*** Here is what I did and it may seem "extreme" but it makes everyone comfortable. I put the shotgun INSIDE my wall. I cut out a rectangle length of drywall in the bedroom near my bed. I put a loaded 20 gauge inside (none in the chamber though). Then I screwed a long plastic mirror over it. The mirror is screwed into the drywall and not the studs. ***

This way if there is an intruder, I just yank the mirror off the wall and have access to the weapon. REALLY FAST, totaly concealed, perfectly child safe. Now you can probably use this only once before your kids know it is there. But I keep the rest of my rifles, including a duplicate shotgun in the safe. So the kids think that is where i keep all the guns.

Everyone is happy. No keys, no combos to remember. No fine motor dexterity required. All gross motor skills that work really well when the adrenaline is flowing. And that shotgun doesnt get touched excet to change the ammo out every year or so. The duplicate in the safe is what the wife and I practice with.

Carne Frio
May 9, 2009, 11:04 AM
These look like something you might want:


Prices look reasonable, too.:D

Hungry Seagull
May 9, 2009, 12:51 PM
You would be surprised what our walls contain sometimes. Not that there is anything going on. There is a fire extinguisher next to the computer in the corner and that thing will do some damage against a badguy. Much like the little 10 dollar trucking extinguishers used to do..

The previous poster talking mirrors makes a point.

The ability of your wife to handle small things when stressed is very challenged.

What is normal to touch gets very tiny when stressed.

Not to mention the right mirrior with the glass can be used as a vicious weapon if the BG is already inside the bedroom.

Ideally the HD battle is won or lost at the front door or the door in front of your chosen refuge room.

May 9, 2009, 12:58 PM
Mossberg Loc-Box mounted to the closet wall.

Wear the key around your neck when you go to bed.




May 9, 2009, 01:05 PM
First, it's great that you're aware of the little ones. I strongly recommend you spend a lot of time ensuring there's no mystery. I always let the kids see and handle firearms, using the opportunity to drill safety. And make sure they see and realize the destruction they will do. (You likely already do that.) I'm more worried about the really little ones than the older ones.
Second, if you can get a dog, that'll buy you some time. We've got a cow dog and he only knows a few commands--sit, stay, and pin 'em...so I can get the rifle.#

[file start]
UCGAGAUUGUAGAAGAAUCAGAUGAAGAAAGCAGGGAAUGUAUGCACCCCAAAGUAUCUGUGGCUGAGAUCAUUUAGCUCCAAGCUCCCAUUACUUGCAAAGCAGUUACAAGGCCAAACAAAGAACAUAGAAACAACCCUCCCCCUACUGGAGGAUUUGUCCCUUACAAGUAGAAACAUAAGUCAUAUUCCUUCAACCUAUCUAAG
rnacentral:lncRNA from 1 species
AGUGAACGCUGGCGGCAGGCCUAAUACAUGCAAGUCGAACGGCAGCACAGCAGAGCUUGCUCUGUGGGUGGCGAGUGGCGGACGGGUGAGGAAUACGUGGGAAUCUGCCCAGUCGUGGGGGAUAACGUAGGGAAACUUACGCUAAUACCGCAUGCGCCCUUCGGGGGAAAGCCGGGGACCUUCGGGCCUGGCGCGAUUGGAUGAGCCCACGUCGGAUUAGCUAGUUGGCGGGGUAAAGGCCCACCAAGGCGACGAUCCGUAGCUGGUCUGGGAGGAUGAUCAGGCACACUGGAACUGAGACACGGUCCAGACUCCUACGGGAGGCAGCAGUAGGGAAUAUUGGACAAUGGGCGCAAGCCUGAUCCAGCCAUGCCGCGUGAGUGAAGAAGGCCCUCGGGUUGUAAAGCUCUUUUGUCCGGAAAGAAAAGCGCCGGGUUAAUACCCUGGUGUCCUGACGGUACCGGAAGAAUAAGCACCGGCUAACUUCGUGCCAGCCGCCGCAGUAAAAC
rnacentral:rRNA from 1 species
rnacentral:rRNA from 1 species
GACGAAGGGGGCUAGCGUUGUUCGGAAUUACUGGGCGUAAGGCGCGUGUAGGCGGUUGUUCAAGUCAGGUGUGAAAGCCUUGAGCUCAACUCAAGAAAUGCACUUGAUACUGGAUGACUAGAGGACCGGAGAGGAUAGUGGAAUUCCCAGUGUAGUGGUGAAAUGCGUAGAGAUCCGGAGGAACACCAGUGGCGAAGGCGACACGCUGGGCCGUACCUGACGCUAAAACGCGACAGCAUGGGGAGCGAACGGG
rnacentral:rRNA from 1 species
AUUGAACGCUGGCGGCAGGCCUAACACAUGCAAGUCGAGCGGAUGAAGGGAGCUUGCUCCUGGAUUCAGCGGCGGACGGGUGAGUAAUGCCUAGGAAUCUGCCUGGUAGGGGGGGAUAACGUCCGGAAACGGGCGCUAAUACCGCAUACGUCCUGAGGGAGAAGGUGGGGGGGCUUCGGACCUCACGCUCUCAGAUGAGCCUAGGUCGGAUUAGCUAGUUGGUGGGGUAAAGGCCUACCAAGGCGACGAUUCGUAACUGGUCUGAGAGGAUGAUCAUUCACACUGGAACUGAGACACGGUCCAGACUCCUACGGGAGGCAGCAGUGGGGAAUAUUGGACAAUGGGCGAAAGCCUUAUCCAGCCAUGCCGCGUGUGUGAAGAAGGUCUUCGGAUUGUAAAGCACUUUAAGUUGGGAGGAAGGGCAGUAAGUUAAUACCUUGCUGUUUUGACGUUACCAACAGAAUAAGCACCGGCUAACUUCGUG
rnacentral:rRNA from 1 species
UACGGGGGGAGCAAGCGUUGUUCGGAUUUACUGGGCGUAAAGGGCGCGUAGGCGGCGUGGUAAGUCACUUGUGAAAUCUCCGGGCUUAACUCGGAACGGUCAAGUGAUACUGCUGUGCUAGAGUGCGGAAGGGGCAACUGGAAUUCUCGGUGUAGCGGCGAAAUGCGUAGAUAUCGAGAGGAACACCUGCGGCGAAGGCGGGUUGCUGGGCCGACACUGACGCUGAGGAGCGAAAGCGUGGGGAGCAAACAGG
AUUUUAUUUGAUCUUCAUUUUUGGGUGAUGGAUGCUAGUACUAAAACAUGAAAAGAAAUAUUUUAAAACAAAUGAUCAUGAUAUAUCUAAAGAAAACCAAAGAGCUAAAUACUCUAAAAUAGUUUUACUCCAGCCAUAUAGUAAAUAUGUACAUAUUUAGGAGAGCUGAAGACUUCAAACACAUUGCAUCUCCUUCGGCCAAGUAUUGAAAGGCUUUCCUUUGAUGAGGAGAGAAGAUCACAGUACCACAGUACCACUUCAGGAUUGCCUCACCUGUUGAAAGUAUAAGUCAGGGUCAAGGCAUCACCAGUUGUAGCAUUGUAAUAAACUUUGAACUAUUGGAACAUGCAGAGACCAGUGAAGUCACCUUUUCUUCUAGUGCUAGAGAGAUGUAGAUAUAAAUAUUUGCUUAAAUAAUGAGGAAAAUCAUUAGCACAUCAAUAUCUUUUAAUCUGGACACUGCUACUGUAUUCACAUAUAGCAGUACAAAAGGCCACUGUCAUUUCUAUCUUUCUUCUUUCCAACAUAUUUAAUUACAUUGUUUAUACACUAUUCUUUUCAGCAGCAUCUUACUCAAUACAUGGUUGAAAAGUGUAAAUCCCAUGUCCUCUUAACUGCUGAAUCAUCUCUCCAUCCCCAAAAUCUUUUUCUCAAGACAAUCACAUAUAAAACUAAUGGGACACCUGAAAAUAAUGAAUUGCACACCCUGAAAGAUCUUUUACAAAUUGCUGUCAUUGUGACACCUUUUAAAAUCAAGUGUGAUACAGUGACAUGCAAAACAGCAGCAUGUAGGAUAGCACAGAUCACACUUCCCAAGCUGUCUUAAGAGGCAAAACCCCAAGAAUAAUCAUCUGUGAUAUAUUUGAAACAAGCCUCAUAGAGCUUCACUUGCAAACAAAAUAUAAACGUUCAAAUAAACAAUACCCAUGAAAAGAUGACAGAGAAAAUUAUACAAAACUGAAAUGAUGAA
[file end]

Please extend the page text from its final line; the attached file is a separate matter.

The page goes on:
Third, good advice has been given on running drills with whatever option you choose.

May 9, 2009, 08:44 PM
I'm seriously thinking about the mirror idea, seems pretty solid for what I need. I really appreciate all the input guys. It's great to come to a place, express your concerns and nobody treats you like you're a paranoid freak.

May 9, 2009, 10:41 PM
I'm seriously thinking about the mirror idea, seems pretty solid for what I need.
It was the only solution that made my wife and I both happy. Quick access for me, out of sight/access from the young kids for her. A good compromise. Run it by the wife and see what she says.

Just make sure its a plastic mirror or else you can hurt youself on broken glass in an emergency or in the dark. A long painting might also work if it matches your decor better. Use screws instead of nails because nails will fall off the drywall by accident. And make sure you don't drill into a wall stud or else you will never rip if off.

And even kids know they get in BIG TROUBLE if they ever tear a mirror off the wall LOL.

I timed it once and it only took me 3 seconds to have the shotgun in hand and ready to go. Get up, tear the mirror off the wall, grab the shotgun.

May 9, 2009, 10:46 PM
The break-away mirror ideas sounds good, but is there another way to get to the gun in a nonemergency situation? Breaking a mirror or breaking out the electric screwdriver every time you make a range trip sounds like a pain.

Hungry Seagull
May 9, 2009, 10:52 PM
Is there any way to get to the gun in a non emergency situation?


Ah yes.

Put a hatch on top of the gun compartment and a dipstick to check the oil once in a while without having to open the compartment LOL.


Regarding the paranoia... the older one gets and the younger the doctors become with the more potent medicines being filled... paranoia is easy to come by these days.

May 9, 2009, 11:34 PM
The break-away mirror ideas sounds good, but is there another way to get to the gun in a nonemergency situation? Breaking a mirror or breaking out the electric screwdriver every time you make a range trip sounds like a pain.
Unscrewing it is the only way. I only take it out once a year to change out the ammo. BUT I do have a duplicate gun in the safe that I take to the range :) As for it being a pain, its a lot less of a pain than my wife can be lol

May 10, 2009, 08:34 AM
An alarm system sounds like a good idea for your wife, if you don't have one.

bill larry
May 10, 2009, 12:34 PM
I had a girlfriend in high school, freshman year.

We spent the better part of a summer trying to figure out the combination to her dad's gun safe. We took notes. We eventually succeeded.

Kids will get into anything if they have the time and motivation. Best to teach them even at a young age that guns are not toys.

Oh...and don't store your stash in your gun safe. When we cracked Brooke's dads gun safe open, we found all his guns (loaded) and a pound of pot; which we smoked.

May 10, 2009, 12:59 PM
I would suggest getting her the safe. When she is up and alert she will be able to access it much easier. Just make her promise before she goes to sleep that she takes it out of the safe and hangs it above the bed. If the kids crawling on the bed to play with the shotgun in the middle of the night doesn't wake her up, then having a shotgun would be useless seeing as she would sleep thru the home invasion as well :D